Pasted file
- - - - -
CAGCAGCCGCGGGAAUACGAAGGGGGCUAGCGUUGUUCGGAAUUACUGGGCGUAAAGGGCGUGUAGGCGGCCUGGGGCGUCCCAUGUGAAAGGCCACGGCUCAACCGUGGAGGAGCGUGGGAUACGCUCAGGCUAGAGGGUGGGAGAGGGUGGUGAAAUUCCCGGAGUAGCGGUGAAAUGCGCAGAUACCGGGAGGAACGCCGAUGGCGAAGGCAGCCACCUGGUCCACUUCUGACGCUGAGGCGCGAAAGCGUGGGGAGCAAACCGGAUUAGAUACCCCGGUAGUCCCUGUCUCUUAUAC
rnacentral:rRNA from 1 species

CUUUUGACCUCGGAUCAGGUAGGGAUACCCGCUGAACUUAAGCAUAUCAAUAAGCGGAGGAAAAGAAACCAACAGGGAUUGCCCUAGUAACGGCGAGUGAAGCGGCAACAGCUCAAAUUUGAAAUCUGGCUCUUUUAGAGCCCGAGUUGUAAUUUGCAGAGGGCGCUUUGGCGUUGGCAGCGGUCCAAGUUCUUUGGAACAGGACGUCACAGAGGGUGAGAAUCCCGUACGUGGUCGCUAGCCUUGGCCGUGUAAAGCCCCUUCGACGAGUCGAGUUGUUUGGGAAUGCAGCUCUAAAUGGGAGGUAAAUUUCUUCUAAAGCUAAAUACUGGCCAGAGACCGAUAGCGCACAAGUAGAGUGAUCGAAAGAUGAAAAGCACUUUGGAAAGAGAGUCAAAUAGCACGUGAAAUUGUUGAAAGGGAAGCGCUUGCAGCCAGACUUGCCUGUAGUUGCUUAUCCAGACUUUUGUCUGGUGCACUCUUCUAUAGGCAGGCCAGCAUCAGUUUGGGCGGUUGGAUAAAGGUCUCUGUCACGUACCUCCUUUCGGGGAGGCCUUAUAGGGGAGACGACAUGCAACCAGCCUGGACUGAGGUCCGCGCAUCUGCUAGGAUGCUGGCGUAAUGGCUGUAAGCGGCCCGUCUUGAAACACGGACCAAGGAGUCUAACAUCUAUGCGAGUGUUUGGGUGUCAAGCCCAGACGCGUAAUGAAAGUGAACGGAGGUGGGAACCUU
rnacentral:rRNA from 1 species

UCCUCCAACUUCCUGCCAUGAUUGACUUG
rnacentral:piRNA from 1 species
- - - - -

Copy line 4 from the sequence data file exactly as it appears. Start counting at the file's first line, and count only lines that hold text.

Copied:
rnacentral:rRNA from 1 species